Pakistan’s exports to Afghanistan fall sharply since Taliban takeover

Published October 3, 2021
A security official stands guard at  Pakistan-Afghanistan border crossing at Chaman. — Reuters/File
A security official stands guard at Pakistan-Afghanistan border crossing at Chaman. — Reuters/File

ISLAMABAD: The flow of Afghan transit trade and Pakistan’s exports to Afghanistan saw a deeper drop since the Taliban took control of Kabul in August.

The flow of cargo fell by 16 per cent in August 2021 and a further decline of 73pc in September from last year, which many experts attributed to the uncertainty in the wake of the takeover of Afghanistan.

Official data available with Dawn shows that the flow of cargoes dipped 73pc to 4,212 containers in September 2021 from 15,846 containers in the same month last year. In August 2021 the container’s flow fell to 7,864 containers from 9,312 containers last year, indicating a decline of 16pc.

Pakistan has regained its share in the Afghan transit trade in the past few years. In April 2021, the flows of transit cargo posted a growth of 169pc, followed by an 115pc increase in May, 32pc in June, and 60pc in July, respectively.

The assessed import value of the transit cargoes also dipped 71pc to $130.7 million in September 2021 against $444m over the last year. Similarly, a 14pc declined was noted in August as the import value of the transit cargoes fell to $273m from $319m over the last year.

Mujahid said trade with neighbouring countries under Taliban rule will be promoted but that hasn’t happened

Many experts believe that uncertainty in Afghanistan has led to a drop in commercial imports under transit trade since August. Transit cargo reaches Afghanistan via Torkham and Chaman border stations.

Traditionally, Torkham in Khyber Pakhtunkhwa was one of the leading border points for cargo movement. In the past few years, a partial slowdown was also noticed in the commercial cargoes at the border station. Data shows diversion that transit importers have chosen Chaman as a new destination until the fencing is complete in the Balochistan province.

A customs official said that the drop in commercial containers at Torkham border is believed to have been one of the outcomes of the fencing of border with Afghanistan as it has become difficult for smugglers to re-enter transit goods in KP areas. However, there is no official confirmation for this.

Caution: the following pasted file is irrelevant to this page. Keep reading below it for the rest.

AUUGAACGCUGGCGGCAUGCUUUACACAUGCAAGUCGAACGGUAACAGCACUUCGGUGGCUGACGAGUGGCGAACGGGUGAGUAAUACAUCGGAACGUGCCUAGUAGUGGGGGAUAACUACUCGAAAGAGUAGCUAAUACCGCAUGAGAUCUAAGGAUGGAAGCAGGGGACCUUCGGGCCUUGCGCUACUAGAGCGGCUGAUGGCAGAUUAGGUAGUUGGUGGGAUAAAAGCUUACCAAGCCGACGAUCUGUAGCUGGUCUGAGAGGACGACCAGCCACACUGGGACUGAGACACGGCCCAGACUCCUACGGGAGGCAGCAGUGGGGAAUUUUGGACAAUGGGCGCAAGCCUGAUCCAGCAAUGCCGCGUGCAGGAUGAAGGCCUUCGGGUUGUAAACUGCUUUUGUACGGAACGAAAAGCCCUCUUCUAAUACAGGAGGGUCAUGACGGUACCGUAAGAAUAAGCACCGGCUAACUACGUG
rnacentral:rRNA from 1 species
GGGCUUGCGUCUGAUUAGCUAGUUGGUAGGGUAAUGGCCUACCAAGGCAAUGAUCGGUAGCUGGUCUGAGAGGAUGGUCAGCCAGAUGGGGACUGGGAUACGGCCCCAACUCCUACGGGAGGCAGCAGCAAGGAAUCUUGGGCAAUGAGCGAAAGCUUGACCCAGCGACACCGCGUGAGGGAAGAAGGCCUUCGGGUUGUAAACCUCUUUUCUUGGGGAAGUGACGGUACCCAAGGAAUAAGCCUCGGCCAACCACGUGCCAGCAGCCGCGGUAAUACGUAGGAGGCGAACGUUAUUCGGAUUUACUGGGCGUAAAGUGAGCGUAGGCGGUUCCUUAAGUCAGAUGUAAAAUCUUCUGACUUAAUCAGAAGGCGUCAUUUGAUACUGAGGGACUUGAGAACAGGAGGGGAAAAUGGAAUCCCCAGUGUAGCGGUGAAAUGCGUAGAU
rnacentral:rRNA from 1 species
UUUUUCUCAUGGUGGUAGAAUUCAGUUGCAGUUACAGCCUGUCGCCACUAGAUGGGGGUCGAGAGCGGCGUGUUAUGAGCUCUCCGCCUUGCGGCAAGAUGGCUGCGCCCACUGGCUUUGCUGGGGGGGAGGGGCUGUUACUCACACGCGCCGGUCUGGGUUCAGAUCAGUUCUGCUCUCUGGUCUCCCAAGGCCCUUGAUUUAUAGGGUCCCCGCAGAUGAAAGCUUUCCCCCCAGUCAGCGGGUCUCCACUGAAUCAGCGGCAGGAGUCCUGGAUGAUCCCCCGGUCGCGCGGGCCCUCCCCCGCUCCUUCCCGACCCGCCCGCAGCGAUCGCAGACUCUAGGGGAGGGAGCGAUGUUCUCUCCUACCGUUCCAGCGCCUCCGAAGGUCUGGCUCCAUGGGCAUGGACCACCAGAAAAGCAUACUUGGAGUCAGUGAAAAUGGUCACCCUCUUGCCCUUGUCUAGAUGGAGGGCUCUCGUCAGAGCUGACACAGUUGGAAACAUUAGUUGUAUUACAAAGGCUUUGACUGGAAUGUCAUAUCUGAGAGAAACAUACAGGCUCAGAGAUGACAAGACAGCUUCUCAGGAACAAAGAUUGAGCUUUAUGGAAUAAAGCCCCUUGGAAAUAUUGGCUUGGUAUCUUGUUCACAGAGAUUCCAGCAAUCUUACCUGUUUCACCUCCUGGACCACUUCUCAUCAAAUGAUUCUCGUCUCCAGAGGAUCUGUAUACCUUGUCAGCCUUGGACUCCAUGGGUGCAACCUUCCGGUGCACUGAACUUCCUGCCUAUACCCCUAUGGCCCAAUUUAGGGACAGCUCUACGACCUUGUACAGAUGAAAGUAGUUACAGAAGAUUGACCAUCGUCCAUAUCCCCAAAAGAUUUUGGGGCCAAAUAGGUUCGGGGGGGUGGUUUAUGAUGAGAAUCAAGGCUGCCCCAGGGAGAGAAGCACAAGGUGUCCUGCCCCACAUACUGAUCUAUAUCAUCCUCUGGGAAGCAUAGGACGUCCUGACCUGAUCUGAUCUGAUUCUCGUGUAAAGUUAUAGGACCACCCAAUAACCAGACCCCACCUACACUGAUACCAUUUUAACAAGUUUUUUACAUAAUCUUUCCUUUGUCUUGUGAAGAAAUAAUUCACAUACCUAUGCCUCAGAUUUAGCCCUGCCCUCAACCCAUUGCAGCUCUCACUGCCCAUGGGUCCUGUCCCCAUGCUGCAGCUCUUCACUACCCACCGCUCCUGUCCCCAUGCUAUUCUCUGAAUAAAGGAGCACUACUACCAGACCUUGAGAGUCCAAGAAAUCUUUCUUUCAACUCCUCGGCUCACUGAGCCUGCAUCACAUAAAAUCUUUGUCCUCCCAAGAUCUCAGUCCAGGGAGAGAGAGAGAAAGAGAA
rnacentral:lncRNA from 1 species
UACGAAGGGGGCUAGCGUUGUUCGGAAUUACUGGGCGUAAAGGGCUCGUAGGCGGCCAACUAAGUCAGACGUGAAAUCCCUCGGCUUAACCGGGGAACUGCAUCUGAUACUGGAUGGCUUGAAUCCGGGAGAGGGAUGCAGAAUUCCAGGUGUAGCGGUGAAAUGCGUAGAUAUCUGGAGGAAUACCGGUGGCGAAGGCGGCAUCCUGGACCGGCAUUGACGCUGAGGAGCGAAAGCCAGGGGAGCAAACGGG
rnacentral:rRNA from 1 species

At the same time, the volume of bilateral trade also fell during the first two months of the current fiscal year from a year ago. The value of Pakistan’s exports value to Afghanistan stood at $95.672m between July and August 2021 against $123.785m over the corresponding months of last year, indicating a decline of 22.7pc.

On August 15, the Taliban took over Kabul and declared its rule over Afghanistan.

Taliban spokesperson Zabihullah Mujahid at its first press conference reiterated that Taliban will continue trading with neighboring countries. He said steps will be taken to promote trade. However, the data did not support his claim.

Contrary to the decline in exports, Pakistan’s imports from Afghanistan have seen a visible increase in the first two months of the current fiscal year. The import value from Afghanistan stood at $18.960m in July-August 2021 against $9.514m over the same months last year, showing an increase of over 99pc.

This increase in the imports from Afghanistan was the outcome of Islamabad’s policy to continue trade with Kabul and extend further facilitation removing duty on import of fruits from Afghanistan.

At the Torkham border, the comparison of imports for pre-Taliban period (July 1 to August 15) with post-Taliban period (August 16 to September 30) shows a 142pc increase in import value from Rs6,757.09m to Rs16,373.67m.

The total number of import vehicles registered 160pc increase from 9,117 vehicles to 23,698 vehicles. It shows that the movement of trucks across the border increase after Taliban took over Kabul by bringing an end to the practice that Afghan police and transport ministry officials posted on the Afghan side demanded from drivers between 10,000 and 25,000 Afghanis to let their trucks return to Pakistan.

According to a Customs official main reason for massive imports from Afghanistan is the facilitation of vehicular traffic and trade by the Taliban as there are no delays and extortion from drivers.

On the other side, a comparison of the post-Taliban period shows an increase in revenue collection at the customs stations as well.

Published in Dawn, October 3rd, 2021

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